We recently contacted cleaning veteran Richard Sanchez, who is an expert in health care custodial and maintenance duties.
As custodial crews in this field are aware, health care facilities present unique hazards for the cleaning staff and require detail and attention.
Sanchez, who works hard to satisfy the customer, shares how he has excelled in this profession and has overcome a few hurdles.
How did you get your start in the cleaning and maintenance industry?
I have worked in the custodial and maintenance department of a major hospital in Northern California for more than 20 years. The hospital staff taught me how they wanted things cleaned. Like all hospitals, we are very concerned about nosocomial (hospital-acquired) diseases, so cleaning is a top priority.
One of the doctors who is also in private practice asked me if I would clean his office. He was happy with our service, and because doctors like to select vendors by referrals, before I knew it he had referred us to several more doctors around the city. Although we clean all kinds of facilities today, a large portion of our clients are doctors, dentists and others in the medical industry.
Tell us a bit about your duties at your job, as well as how the company has changed over the years.
For many years, I cleaned our clients’ offices myself. As the business grew, I asked other people I worked with if they would like to help me for a few hours each night. Many came on board. When I need more help, I usually look for someone working in the hospital that I think might be good, or many times people come to me because they want to make a little extra spending money.
Our business is run as a sole proprietorship and I am the owner of the company.
What responsibilities do you find most challenging?
The most challenging part of the cleaning business is dealing with customers if they are unhappy with the service. It does not affect me personally, but I want all our clients to be happy. However, some people can be more difficult than others. Usually, after they get to know us — and because we address any problems as soon as they come in — they get to trust us and the calls or complaints subside.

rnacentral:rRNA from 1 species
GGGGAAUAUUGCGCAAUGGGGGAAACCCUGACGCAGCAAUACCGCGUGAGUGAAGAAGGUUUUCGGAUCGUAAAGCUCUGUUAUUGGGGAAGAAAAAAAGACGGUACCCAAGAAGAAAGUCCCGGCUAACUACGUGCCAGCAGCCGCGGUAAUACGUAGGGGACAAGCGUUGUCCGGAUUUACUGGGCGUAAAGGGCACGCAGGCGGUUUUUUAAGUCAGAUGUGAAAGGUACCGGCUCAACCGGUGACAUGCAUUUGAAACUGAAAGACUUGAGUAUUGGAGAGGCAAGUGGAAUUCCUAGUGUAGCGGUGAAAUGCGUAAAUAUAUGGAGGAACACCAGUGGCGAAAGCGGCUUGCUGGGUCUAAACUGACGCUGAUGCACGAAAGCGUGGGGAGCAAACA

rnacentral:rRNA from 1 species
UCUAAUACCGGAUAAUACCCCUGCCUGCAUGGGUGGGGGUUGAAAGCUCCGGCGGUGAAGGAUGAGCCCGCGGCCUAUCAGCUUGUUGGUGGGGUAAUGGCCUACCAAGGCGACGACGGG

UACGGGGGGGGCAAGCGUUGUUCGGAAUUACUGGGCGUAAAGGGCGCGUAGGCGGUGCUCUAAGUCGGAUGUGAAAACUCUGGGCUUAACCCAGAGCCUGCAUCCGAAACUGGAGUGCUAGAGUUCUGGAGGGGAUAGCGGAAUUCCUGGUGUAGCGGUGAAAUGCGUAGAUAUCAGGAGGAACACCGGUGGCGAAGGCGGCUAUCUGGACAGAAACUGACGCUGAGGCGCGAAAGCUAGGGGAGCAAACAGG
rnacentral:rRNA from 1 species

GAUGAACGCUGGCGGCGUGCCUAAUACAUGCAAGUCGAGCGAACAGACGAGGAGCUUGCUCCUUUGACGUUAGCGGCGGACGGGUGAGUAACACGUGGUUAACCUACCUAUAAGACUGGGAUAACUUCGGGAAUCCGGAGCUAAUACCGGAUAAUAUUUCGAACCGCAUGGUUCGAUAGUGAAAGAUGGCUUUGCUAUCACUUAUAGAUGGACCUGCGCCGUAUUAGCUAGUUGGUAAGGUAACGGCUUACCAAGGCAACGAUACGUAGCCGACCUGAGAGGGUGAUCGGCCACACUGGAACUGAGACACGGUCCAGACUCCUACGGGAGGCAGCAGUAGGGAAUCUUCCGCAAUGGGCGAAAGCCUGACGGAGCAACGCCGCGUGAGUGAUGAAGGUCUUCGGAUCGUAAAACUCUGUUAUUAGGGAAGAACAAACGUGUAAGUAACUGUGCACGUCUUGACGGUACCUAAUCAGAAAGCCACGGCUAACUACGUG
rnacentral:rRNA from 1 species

But sometimes they go too far. Once I had a customer who placed a tiny piece of paper on the carpet next to a partition in his office. He apparently looked every day to see if we had vacuumed it up. The tiny piece of paper was actually in an area of his office that needed very little vacuuming.
One day he called me and asked me to come to his office. He showed me the tiny piece of paper on the carpet and said it had been there for three weeks. I realized at the moment you must always do your best, but you can’t please everyone. I returned his keys on the spot.
What is your favorite part of the job? Least favorite part of the job?
My favorite part of the job is helping my customers. When I visit our locations to check on them and see them clean and sparkling, it makes me very proud of my company and our people.
The least favorite can be some of the customers, as mentioned earlier. Luckily, there are always one or two (troublesome ones,) but no more.
Tell us a bit about your personal life (family, hobbies, what you do in your free time).
My wife and even my ex-wife have helped me in my business, as have my children. My parents have also helped me and given me a lot of support.
I must admit, most of my time involves working. I still work at the hospital during the day and attend to my own business at night. I must say I love my business and I like the industry. We really do a lot.
If you know of someone who you think should be featured in A Clean Sweep, e-mail Associate Managing Editor Ashley Sterne at email@example.com